Pilot project to irrigate Myanmar’s dry zone
Farmers living in the central dry zone will no longer have to fight for water thanks to a pilot project funded by Livelihoods and Food Security Trust Fund (LIFT), International Water Management Institute (IWMI) and other partners, officials said.
Mya Than, assistant director and chief of Sagaing district at Myanmar’s Irrigation and Water Utilisation Management Division (IWUMD), said the Pywat Ywar irrigation projฌect near Myinmu should become a role model for all irrigation projects in the country’s dry zone. He said it would help change the lives of locals by improving water management and helping them grow suitable crops.
“We should apply this model to the other 300 irrigation projects in the dry zone. Now many villagers in this area know how to use water more efficiently and there will no longer be disputes over the allocation of water in the near future,” he said.
The project encourages active participation by farmers and gets them to work with government officials in managing water allocation and enhancing the performance of the scheme.
This project will be overseen by three committees, which – combined with government officials and key stakeholders – will form the Water User Association, he explained.
The government initially started the 2,023hectare project in 2004, and has been irrigating farms since 2006.
So far, more than US$2 million (Bt66.72 million) has been spent on the project. However, the United Nations Office for Project Services (UNOPS), LIFT and other nongovฌernmental organisations plan to inject another $5 million into the project, with a focus on saving farms and food, the official said.
The project will benefit 1,258 households from five villages in Sagaing region, and should cut down conflicts, inequality, electricity wastage and inefficient use of water, he said. Mya Than added that the project will also enhance food secuฌrity, nutrition, crop diversity and the agriculture industry.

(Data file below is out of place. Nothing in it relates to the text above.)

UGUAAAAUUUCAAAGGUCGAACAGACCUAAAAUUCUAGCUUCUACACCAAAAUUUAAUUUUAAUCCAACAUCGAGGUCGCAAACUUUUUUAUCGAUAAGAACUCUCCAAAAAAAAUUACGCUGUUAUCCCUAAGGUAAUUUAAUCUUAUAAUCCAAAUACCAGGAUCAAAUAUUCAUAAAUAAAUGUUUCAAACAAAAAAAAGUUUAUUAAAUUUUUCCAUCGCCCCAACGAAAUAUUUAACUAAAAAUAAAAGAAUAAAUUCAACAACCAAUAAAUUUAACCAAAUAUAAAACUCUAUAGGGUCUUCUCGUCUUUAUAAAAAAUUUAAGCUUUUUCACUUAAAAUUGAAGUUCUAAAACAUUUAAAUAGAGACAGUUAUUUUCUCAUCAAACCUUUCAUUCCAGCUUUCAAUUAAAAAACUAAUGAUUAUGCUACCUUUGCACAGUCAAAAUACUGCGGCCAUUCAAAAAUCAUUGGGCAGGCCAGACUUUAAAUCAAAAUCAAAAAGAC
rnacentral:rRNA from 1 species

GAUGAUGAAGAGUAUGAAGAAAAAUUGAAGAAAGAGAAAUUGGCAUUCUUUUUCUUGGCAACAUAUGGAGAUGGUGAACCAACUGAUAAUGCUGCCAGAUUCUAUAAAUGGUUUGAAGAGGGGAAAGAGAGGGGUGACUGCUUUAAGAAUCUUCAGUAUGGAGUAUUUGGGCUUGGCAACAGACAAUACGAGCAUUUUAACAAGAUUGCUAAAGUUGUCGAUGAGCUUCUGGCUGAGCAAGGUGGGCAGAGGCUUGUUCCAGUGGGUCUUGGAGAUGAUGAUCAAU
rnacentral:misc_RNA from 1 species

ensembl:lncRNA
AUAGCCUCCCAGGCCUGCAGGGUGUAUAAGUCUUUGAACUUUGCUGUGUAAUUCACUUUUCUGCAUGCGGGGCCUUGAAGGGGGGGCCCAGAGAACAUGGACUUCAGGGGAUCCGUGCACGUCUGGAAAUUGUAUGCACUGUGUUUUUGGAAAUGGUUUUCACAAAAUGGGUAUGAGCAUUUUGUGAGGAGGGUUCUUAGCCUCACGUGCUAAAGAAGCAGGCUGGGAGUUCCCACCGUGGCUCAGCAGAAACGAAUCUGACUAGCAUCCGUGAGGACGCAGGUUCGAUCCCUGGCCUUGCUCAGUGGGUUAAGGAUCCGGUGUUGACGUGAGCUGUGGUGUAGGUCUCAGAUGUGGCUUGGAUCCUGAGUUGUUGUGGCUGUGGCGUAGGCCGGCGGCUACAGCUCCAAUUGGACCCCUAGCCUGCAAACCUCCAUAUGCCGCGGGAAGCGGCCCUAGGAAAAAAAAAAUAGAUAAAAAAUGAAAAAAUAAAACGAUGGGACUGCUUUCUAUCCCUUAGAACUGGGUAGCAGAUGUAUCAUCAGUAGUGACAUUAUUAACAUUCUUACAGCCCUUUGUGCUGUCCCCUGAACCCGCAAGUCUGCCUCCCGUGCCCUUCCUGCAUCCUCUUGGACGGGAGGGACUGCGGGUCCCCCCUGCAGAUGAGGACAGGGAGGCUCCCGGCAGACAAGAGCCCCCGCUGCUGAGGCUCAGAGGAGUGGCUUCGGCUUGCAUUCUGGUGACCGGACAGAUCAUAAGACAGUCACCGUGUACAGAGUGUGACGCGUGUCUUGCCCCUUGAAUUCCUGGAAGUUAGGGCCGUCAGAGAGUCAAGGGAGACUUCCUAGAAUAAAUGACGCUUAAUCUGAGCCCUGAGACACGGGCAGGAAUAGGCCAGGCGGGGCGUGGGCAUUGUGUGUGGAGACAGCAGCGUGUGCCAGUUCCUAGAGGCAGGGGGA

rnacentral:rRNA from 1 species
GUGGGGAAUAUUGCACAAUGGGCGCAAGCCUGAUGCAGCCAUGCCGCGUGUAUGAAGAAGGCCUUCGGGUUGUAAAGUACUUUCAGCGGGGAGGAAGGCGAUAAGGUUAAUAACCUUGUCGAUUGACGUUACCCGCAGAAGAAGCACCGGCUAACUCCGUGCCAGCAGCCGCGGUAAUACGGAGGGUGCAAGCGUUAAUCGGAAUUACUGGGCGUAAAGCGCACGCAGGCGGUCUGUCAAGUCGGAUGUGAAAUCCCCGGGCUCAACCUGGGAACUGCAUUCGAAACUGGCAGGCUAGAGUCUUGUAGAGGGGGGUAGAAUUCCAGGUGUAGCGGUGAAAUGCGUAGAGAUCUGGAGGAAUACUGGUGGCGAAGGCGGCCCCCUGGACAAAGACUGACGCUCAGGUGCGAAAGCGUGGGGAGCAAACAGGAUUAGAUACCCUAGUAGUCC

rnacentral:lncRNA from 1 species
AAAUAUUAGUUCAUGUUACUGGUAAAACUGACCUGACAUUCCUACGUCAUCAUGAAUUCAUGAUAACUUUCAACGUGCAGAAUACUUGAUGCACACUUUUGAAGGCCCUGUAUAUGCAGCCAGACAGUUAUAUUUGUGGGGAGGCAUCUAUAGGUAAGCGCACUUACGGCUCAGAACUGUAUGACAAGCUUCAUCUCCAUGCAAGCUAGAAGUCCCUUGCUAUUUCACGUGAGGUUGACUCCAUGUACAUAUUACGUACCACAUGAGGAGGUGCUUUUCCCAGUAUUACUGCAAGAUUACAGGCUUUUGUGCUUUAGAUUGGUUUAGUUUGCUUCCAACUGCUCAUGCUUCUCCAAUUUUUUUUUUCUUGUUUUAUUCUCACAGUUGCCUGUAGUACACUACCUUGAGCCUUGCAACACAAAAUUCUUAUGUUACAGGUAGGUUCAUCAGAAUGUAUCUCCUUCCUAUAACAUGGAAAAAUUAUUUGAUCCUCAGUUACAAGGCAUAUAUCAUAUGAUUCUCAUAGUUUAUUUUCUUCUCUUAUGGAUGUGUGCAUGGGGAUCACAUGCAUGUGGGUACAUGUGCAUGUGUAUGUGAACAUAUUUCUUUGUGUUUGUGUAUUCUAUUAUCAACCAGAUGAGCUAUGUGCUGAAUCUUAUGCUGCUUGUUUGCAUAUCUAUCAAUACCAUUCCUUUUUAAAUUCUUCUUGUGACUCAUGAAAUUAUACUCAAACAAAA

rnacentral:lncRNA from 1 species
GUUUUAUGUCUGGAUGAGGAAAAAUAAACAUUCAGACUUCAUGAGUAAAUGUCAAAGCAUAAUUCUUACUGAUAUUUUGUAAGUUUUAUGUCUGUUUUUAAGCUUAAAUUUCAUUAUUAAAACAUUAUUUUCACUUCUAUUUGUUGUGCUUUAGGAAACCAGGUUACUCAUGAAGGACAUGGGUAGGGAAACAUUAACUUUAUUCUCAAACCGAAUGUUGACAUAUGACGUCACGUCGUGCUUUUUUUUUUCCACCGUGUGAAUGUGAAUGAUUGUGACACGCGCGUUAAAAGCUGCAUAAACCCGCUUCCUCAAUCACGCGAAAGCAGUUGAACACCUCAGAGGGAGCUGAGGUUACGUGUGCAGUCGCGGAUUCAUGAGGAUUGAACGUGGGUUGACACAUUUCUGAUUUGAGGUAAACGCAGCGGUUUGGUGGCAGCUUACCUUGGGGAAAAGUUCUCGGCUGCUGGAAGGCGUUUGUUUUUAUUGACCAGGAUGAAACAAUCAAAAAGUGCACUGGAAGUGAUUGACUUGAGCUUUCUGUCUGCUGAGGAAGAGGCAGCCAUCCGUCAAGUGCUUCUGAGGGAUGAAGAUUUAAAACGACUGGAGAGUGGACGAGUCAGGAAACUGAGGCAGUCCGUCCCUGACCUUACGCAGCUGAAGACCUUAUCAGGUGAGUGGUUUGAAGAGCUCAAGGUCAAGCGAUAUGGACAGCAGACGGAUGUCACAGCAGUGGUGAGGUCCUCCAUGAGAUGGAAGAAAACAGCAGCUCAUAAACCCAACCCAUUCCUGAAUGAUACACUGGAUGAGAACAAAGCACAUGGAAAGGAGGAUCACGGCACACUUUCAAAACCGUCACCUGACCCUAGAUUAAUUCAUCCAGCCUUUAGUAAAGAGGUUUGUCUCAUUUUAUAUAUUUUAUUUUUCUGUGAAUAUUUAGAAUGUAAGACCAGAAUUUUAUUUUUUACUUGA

With the project, farmers are now becoming aware of the importance of water management, Lwin Oo, scheme manager and assistant engiฌneer at IWUMD, said.
“Previously, a lot of water was lost. Irrigation staff and farmers had limited capacity for operating and maintaining waterpumping facilities,” he added.
Though the project will be wrapped up by March next year, the IWUMD official said the scheme could be extended.
“Empowering communities usually takes time. I hope the project is extended for another two years, so everybody can get used to this model,” he said.
Conflicts took place prior to the project, Petra Schmitter, a researcher with IWMI, said, “because everybody was trying to take the water. Nothing was organised and nobody wanted to coordinate with the irrigation department.”
“The most important thing is to create a link between farmers – those who are using water, and the engiฌneers who are designing the irrigation systems. We help create a good institutional structure designed by the farmers and government institutions,” she said.
Local people also have a chance to set their own rules and regulations, including the penalty for breaking them, she said. “We have repaired many of the watercourses and trained farmers in proper maintenance and operation. Rehabilitation will continue through the remainder of the project until all the sites have been assessed.”
Welt Hunger Hilfe has trained hundreds of farmers to boost their output, which has resulted in the cultivation of new, highvalue crops such as chilli, bitter gourd, chickpea, sunflower and papaya, Schmitter said.
“If we want to strengthen the econฌomy in the dry zone, we need good agriculture production management starting with an effective water management system,” she said. “For that, we have repaired the canals and put the structure in place. When we leave, we hope the farmers and the Irrigation Department can keep it going.”